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4-29-2011 @ 5:45PM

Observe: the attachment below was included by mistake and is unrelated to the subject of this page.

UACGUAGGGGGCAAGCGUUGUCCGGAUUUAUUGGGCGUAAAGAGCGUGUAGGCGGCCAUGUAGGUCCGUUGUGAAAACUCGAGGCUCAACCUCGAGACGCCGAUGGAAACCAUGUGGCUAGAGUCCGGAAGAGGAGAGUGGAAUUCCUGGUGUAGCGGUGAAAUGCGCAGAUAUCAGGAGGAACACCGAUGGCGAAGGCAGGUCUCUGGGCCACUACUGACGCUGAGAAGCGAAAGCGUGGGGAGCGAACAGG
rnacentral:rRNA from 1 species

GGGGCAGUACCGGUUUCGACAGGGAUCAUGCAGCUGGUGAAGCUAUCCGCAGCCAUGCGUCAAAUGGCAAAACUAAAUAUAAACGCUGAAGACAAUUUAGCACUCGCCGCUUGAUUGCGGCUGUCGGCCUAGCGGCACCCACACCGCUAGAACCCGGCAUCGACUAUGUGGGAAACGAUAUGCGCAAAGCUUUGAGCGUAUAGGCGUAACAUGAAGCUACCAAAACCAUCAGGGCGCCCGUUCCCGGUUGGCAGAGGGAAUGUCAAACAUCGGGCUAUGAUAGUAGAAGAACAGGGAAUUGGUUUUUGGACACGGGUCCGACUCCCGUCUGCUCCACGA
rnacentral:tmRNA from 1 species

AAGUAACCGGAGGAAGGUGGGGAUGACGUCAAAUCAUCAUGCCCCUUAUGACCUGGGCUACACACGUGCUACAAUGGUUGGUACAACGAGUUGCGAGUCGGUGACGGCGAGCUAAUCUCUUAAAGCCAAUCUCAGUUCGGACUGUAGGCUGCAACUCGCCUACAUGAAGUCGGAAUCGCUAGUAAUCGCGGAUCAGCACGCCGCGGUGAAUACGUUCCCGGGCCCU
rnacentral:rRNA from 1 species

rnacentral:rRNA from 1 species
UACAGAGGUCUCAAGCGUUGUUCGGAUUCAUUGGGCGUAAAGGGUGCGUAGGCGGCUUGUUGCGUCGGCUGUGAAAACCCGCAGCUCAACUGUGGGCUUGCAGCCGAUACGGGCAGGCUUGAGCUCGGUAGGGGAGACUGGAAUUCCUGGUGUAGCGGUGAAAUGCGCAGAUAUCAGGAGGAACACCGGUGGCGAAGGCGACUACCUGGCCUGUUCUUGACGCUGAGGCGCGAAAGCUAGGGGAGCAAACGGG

I have serious issue with this response on several fronts. The first of which is very easy to convey: "time is money, friend" (As Basil points out often in his column). Even the way we choose to spend our time on leisure activities can be quantified monetarily and saving a few g at the expense of several hours is a huge opportunity cost. In other words, if you had dedicated those countless hours helping out with the guild to farming gold instead and then selling it illegally you would probably have in excess of $100. The second is that humans have an innate tendency towards retribution. It is an evolutionary stable system and the one that humans have happened to adopt as a majority. The individual rules and morality don't matter as much as that when someone does something that detracts from the general welfare of the people, we feel they should be punished. There are scales of this too: those afflicted with a "Just World" or "Strict Father" outlook are inclined to believe that someone living in poverty is lazy, or that someone who got into a road accident was inattentive, or that a country afflicted by a natural disaster had an unusual preponderance of homosexuals... While the bleeding hearts campaign for nuclear disarmament, spending more money on preventing the causes of crime and animal rights or whatnot. The overall phenomenon of attributing blame can be seen in the personification of technology when it goes wrong: yelling "stupid computer" or "($*%ing Blizz!" doesn't help much but it does make us feel better. Then of course there are the despots who punish the slightest perceived insult and the psychopaths who contravene the system entirely... At any rate, there's some psychic dissonance felt whenever a bad deed goes unpunished. But luckily, I recall reading on WoW Insider that Blizzard has taken steps to reimburse guild banks in the event of ninjaing before. If anyone could find the link to the article you could use it as a precedent for Blizz and go straight to the court of appeals... Or something. One thing they've pointed out at great pains in the latest Meet the Devs is that they wont punish abuses by the guild masters. I think a system of checks and balances revolving around the officer core would neatly illustrate the superiority of a democratic system. That way important decisions like gdisbands would have to be ratified by a large percentage of currently active officers. Guilds could choose to opt into such systems so it wouldn't cause complications for alt guilds but if you were joining a leveling guild you'd feel more secure in one that made democratic decisions. Our guild doesn't have anything formal like that but we tend towards it with decisions such as transferring guild leadership.
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